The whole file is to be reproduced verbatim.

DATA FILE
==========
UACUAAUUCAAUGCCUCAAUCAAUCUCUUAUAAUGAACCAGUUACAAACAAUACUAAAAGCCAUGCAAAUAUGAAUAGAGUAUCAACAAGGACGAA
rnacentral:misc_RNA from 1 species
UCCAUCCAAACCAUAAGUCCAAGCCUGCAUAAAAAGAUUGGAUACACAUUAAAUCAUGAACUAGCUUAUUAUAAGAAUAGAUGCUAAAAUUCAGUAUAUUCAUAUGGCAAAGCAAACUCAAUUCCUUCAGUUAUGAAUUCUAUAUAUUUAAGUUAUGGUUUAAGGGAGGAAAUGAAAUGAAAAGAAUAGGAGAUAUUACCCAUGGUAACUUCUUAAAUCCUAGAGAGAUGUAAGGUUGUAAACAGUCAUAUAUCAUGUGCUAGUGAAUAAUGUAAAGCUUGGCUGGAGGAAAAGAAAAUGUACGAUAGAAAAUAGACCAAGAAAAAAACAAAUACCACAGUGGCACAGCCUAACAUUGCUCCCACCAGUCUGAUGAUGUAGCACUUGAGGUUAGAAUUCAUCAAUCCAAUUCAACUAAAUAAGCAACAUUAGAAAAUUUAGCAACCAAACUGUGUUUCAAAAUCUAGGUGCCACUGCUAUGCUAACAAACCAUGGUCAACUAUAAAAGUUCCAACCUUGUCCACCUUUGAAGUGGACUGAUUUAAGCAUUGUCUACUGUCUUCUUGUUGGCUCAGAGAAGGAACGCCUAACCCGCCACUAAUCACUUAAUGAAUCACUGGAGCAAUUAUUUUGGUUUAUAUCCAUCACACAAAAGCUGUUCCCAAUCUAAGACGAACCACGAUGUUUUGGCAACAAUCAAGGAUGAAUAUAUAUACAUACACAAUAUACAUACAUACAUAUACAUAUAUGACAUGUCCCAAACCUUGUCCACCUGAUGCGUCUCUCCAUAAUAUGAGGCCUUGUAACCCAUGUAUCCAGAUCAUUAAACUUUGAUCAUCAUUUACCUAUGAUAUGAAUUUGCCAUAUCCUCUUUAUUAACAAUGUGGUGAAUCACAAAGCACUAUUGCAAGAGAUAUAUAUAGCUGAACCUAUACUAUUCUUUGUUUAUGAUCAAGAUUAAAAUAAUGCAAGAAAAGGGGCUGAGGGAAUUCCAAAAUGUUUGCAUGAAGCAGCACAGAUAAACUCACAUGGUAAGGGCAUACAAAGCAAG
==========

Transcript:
UACUAAUUCAAUGCCUCAAUCAAUCUCUUAUAAUGAACCAGUUACAAACAAUACUAAAAGCCAUGCAAAUAUGAAUAGAGUAUCAACAAGGACGAA
rnacentral:misc_RNA from 1 species
UCCAUCCAAACCAUAAGUCCAAGCCUGCAUAAAAAGAUUGGAUACACAUUAAAUCAUGAACUAGCUUAUUAUAAGAAUAGAUGCUAAAAUUCAGUAUAUUCAUAUGGCAAAGCAAACUCAAUUCCUUCAGUUAUGAAUUCUAUAUAUUUAAGUUAUGGUUUAAGGGAGGAAAUGAAAUGAAAAGAAUAGGAGAUAUUACCCAUGGUAACUUCUUAAAUCCUAGAGAGAUGUAAGGUUGUAAACAGUCAUAUAUCAUGUGCUAGUGAAUAAUGUAAAGCUUGGCUGGAGGAAAAGAAAAUGUACGAUAGAAAAUAGACCAAGAAAAAAACAAAUACCACAGUGGCACAGCCUAACAUUGCUCCCACCAGUCUGAUGAUGUAGCACUUGAGGUUAGAAUUCAUCAAUCCAAUUCAACUAAAUAAGCAACAUUAGAAAAUUUAGCAACCAAACUGUGUUUCAAAAUCUAGGUGCCACUGCUAUGCUAACAAACCAUGGUCAACUAUAAAAGUUCCAACCUUGUCCACCUUUGAAGUGGACUGAUUUAAGCAUUGUCUACUGUCUUCUUGUUGGCUCAGAGAAGGAACGCCUAACCCGCCACUAAUCACUUAAUGAAUCACUGGAGCAAUUAUUUUGGUUUAUAUCCAUCACACAAAAGCUGUUCCCAAUCUAAGACGAACCACGAUGUUUUGGCAACAAUCAAGGAUGAAUAUAUAUACAUACACAAUAUACAUACAUACAUAUACAUAUAUGACAUGUCCCAAACCUUGUCCACCUGAUGCGUCUCUCCAUAAUAUGAGGCCUUGUAACCCAUGUAUCCAGAUCAUUAAACUUUGAUCAUCAUUUACCUAUGAUAUGAAUUUGCCAUAUCCUCUUUAUUAACAAUGUGGUGAAUCACAAAGCACUAUUGCAAGAGAUAUAUAUAGCUGAACCUAUACUAUUCUUUGUUUAUGAUCAAGAUUAAAAUAAUGCAAGAAAAGGGGCUGAGGGAAUUCCAAAAUGUUUGCAUGAAGCAGCACAGAUAAACUCACAUGGUAAGGGCAUACAAAGCAAG